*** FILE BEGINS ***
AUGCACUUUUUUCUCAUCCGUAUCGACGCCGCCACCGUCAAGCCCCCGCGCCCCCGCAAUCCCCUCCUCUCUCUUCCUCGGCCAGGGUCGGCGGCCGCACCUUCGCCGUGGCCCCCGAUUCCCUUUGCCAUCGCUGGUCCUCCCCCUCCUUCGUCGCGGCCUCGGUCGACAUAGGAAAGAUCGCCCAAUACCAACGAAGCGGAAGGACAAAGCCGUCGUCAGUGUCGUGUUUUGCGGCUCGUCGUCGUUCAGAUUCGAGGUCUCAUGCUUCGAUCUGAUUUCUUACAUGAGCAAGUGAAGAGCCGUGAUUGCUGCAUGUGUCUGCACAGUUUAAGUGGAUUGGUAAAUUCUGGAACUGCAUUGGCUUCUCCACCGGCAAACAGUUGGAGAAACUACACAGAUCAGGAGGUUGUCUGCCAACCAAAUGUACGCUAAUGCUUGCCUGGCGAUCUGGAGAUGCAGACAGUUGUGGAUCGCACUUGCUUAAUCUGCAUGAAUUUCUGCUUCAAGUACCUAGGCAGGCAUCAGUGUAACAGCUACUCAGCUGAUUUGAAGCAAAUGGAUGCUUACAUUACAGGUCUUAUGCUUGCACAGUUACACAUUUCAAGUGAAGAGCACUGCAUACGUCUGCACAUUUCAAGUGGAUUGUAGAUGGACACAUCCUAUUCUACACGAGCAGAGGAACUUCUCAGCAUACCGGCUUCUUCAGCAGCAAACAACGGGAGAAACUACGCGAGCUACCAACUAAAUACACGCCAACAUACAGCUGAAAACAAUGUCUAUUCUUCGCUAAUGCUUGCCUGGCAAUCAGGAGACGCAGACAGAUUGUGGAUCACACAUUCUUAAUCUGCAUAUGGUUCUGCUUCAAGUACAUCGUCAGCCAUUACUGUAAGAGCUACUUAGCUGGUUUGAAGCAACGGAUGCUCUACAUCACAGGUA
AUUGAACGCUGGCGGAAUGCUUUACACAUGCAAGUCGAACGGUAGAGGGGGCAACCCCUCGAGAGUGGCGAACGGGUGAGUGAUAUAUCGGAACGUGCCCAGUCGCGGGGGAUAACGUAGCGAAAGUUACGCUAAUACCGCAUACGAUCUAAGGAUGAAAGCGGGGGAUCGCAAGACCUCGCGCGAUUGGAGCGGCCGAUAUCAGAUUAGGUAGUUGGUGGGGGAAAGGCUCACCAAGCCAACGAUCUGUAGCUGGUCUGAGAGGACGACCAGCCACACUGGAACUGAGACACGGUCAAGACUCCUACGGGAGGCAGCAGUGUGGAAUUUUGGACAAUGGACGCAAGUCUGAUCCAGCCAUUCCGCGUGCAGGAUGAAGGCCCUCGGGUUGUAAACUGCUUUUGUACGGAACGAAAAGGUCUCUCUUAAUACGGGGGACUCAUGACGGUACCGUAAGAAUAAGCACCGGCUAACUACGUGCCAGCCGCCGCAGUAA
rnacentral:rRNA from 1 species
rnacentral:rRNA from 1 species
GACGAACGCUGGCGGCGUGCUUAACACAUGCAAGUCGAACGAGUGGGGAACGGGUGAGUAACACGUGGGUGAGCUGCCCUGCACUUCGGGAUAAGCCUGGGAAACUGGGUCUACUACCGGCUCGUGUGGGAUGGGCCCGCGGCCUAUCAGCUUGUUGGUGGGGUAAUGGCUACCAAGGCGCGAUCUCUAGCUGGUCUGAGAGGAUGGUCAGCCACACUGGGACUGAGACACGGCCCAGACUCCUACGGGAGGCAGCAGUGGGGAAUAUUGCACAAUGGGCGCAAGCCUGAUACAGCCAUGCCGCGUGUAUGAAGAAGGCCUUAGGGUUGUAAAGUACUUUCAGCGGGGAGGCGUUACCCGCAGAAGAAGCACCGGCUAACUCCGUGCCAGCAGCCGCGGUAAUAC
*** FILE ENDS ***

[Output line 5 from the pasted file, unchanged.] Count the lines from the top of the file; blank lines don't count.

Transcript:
GACGAACGCUGGCGGCGUGCUUAACACAUGCAAGUCGAACGAGUGGGGAACGGGUGAGUAACACGUGGGUGAGCUGCCCUGCACUUCGGGAUAAGCCUGGGAAACUGGGUCUACUACCGGCUCGUGUGGGAUGGGCCCGCGGCCUAUCAGCUUGUUGGUGGGGUAAUGGCUACCAAGGCGCGAUCUCUAGCUGGUCUGAGAGGAUGGUCAGCCACACUGGGACUGAGACACGGCCCAGACUCCUACGGGAGGCAGCAGUGGGGAAUAUUGCACAAUGGGCGCAAGCCUGAUACAGCCAUGCCGCGUGUAUGAAGAAGGCCUUAGGGUUGUAAAGUACUUUCAGCGGGGAGGCGUUACCCGCAGAAGAAGCACCGGCUAACUCCGUGCCAGCAGCCGCGGUAAUAC